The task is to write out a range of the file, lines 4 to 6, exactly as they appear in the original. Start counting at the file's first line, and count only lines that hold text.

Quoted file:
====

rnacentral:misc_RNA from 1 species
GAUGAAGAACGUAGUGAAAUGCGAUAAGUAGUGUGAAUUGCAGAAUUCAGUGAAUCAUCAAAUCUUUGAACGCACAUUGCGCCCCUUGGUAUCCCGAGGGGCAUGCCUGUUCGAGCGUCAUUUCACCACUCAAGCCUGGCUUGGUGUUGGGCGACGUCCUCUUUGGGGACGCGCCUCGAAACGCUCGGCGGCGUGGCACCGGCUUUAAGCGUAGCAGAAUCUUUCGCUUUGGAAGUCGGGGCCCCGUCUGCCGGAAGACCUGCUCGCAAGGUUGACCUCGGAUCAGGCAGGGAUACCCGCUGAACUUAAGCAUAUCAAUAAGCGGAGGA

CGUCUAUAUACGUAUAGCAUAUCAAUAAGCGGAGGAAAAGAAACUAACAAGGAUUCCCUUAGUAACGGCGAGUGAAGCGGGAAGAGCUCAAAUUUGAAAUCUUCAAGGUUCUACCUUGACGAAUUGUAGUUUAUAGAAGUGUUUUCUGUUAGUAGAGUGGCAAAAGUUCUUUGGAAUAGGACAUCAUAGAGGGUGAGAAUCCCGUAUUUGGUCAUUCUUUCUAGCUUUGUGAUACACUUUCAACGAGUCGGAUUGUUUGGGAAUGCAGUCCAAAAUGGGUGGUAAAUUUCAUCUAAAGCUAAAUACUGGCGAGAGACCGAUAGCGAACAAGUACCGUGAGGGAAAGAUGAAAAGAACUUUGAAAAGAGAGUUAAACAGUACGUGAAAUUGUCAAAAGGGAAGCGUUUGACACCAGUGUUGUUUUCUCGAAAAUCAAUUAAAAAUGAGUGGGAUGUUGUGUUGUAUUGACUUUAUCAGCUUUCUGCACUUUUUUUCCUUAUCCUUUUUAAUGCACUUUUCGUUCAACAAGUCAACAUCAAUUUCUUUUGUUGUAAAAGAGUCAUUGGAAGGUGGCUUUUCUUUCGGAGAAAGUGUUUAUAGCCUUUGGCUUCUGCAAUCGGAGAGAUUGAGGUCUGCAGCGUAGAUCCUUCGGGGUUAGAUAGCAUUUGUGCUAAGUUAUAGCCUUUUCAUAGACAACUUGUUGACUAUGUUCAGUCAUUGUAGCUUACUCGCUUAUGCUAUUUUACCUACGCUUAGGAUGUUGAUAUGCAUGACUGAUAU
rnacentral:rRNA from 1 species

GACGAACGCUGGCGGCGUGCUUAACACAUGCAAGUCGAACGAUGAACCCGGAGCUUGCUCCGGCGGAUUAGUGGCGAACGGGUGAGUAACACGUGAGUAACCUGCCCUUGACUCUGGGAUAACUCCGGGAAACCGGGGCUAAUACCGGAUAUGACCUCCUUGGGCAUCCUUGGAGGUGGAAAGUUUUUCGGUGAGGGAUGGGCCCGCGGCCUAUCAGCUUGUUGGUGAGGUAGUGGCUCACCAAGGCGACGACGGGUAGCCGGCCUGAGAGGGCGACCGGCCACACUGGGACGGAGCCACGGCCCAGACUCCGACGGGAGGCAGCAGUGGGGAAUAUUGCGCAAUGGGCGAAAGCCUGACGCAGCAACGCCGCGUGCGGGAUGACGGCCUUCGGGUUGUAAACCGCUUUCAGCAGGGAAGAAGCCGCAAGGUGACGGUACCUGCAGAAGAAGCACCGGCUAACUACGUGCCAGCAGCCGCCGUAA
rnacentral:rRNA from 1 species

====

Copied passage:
rnacentral:rRNA from 1 species

GACGAACGCUGGCGGCGUGCUUAACACAUGCAAGUCGAACGAUGAACCCGGAGCUUGCUCCGGCGGAUUAGUGGCGAACGGGUGAGUAACACGUGAGUAACCUGCCCUUGACUCUGGGAUAACUCCGGGAAACCGGGGCUAAUACCGGAUAUGACCUCCUUGGGCAUCCUUGGAGGUGGAAAGUUUUUCGGUGAGGGAUGGGCCCGCGGCCUAUCAGCUUGUUGGUGAGGUAGUGGCUCACCAAGGCGACGACGGGUAGCCGGCCUGAGAGGGCGACCGGCCACACUGGGACGGAGCCACGGCCCAGACUCCGACGGGAGGCAGCAGUGGGGAAUAUUGCGCAAUGGGCGAAAGCCUGACGCAGCAACGCCGCGUGCGGGAUGACGGCCUUCGGGUUGUAAACCGCUUUCAGCAGGGAAGAAGCCGCAAGGUGACGGUACCUGCAGAAGAAGCACCGGCUAACUACGUGCCAGCAGCCGCCGUAA
rnacentral:rRNA from 1 species